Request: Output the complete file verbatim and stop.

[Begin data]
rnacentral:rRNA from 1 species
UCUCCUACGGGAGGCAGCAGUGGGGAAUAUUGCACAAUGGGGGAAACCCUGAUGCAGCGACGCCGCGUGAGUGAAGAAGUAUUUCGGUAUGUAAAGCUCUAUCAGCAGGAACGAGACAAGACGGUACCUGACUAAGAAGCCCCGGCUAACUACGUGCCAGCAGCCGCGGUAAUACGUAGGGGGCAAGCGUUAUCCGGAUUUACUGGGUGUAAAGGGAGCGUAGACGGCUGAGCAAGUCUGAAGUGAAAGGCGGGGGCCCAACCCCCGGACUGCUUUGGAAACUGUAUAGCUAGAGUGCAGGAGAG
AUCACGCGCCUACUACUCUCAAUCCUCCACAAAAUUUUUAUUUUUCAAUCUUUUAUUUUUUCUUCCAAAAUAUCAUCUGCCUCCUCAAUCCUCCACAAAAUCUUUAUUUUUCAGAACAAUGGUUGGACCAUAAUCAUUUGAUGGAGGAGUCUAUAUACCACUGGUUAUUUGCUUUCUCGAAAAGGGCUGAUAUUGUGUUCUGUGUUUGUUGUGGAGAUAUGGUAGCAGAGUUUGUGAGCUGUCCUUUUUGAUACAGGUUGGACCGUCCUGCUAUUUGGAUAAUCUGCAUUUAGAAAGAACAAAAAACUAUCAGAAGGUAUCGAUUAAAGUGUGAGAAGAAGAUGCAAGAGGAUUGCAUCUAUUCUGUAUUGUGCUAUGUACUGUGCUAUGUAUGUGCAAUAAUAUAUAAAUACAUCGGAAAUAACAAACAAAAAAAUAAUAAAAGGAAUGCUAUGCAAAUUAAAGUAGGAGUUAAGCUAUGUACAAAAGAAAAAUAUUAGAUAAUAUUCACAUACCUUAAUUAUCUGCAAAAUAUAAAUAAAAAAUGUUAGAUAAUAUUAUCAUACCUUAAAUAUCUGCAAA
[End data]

rnacentral:rRNA from 1 species
UCUCCUACGGGAGGCAGCAGUGGGGAAUAUUGCACAAUGGGGGAAACCCUGAUGCAGCGACGCCGCGUGAGUGAAGAAGUAUUUCGGUAUGUAAAGCUCUAUCAGCAGGAACGAGACAAGACGGUACCUGACUAAGAAGCCCCGGCUAACUACGUGCCAGCAGCCGCGGUAAUACGUAGGGGGCAAGCGUUAUCCGGAUUUACUGGGUGUAAAGGGAGCGUAGACGGCUGAGCAAGUCUGAAGUGAAAGGCGGGGGCCCAACCCCCGGACUGCUUUGGAAACUGUAUAGCUAGAGUGCAGGAGAG
AUCACGCGCCUACUACUCUCAAUCCUCCACAAAAUUUUUAUUUUUCAAUCUUUUAUUUUUUCUUCCAAAAUAUCAUCUGCCUCCUCAAUCCUCCACAAAAUCUUUAUUUUUCAGAACAAUGGUUGGACCAUAAUCAUUUGAUGGAGGAGUCUAUAUACCACUGGUUAUUUGCUUUCUCGAAAAGGGCUGAUAUUGUGUUCUGUGUUUGUUGUGGAGAUAUGGUAGCAGAGUUUGUGAGCUGUCCUUUUUGAUACAGGUUGGACCGUCCUGCUAUUUGGAUAAUCUGCAUUUAGAAAGAACAAAAAACUAUCAGAAGGUAUCGAUUAAAGUGUGAGAAGAAGAUGCAAGAGGAUUGCAUCUAUUCUGUAUUGUGCUAUGUACUGUGCUAUGUAUGUGCAAUAAUAUAUAAAUACAUCGGAAAUAACAAACAAAAAAAUAAUAAAAGGAAUGCUAUGCAAAUUAAAGUAGGAGUUAAGCUAUGUACAAAAGAAAAAUAUUAGAUAAUAUUCACAUACCUUAAUUAUCUGCAAAAUAUAAAUAAAAAAUGUUAGAUAAUAUUAUCAUACCUUAAAUAUCUGCAAA